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Emerging from the Great Pandemic

How has your retirement plan changed?

More than a year ago the unthinkable, at least for most of us, happened. Our lives were disrupted by the COVID-19 pandemic. We cancelled our travel plans, bought face masks and connected with family and friends via Skype, Facetime and Zoom. Indeed, our new normal felt for most of us to be very abnormal. No more parties. No more concerts. No more movies.

Suddenly, many of us felt vulnerable. We lost friends and loved ones to the virus, and we were unable to hug one another in expression of our grief and caring. Furthermore, no one seemed to know how long this new abnormal normal would last.

Today, we are one year closer to full recovery. Many of us chose to get vaccinated. Just as the discovery of vaccines led to the end of the Spanish Flu pandemic, so did the development of Pfizer, Moderna, J&J and Astra Zeneca vaccines accelerate our emergence from the Great Pandemic of the 21st Century.

As we emerge and relaunch our post-pandemic lives, I ponder the changes that are affecting you. If you are still working, have you decided to postpone your retirement? If so, you are not alone. A study by Pew Research indicated that the Baby Boom generation was staying in the workforce in greater numbers than previously recorded, largely due to greater number of women who have been in the workforce. Then the pandemic hit and the pace of retirements in this same age group increased by 3.2 million, more than in previous years (see "The number of retired Baby Boomers rose more from 2019 to 2020 than in prior years" by Pew Research.) Women are especially concerned about the future of their retirement as the pandemic adversely impacted this group more than other groups.

If you are amongst those who remain employed, you may be delaying retirement due to concerns about your financial security in retirement. Health care costs, a significant portion of the retirement budget, have increased. You might also be worried that the financial markets that have been favorable to your 401K accounts will become less favorable.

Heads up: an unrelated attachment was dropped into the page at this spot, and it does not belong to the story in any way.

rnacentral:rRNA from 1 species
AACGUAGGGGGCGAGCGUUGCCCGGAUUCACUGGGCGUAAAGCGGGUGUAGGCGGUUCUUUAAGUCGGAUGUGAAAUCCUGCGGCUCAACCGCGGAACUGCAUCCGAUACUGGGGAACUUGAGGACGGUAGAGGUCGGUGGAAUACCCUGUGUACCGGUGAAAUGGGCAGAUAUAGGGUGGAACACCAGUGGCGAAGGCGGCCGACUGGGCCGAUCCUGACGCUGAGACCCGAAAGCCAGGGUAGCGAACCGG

Perhaps you are among those who retired earlier than anticipated as a result of job loss. According to the Schwartz Center for Economic Policy, workers older than 55 experienced higher unemployment rates than younger workers. This is especially true for those who are women, Black and those without college degrees.

The new financial reality you are facing affects more than your wallet. Where you live, your relationships, and what you do after that first cup of coffee in the morning are not immune to how the pandemic altered your retirement plans.

Do you have a financial adviser to guide your financial decisions? Good! Even better if you are also working with a retirement coach to help you develop strategies for your retirement lifestyle priorities. Aligning your financial and retirement lifestyle strategies will best prepare you for a satisfying lifestyle extending beyond your World of Work. Prepare yourself for a ReLaunched Life that can navigate unexpected detours.

What did you think of this blog? I would love to receive your feedback. Please email me at

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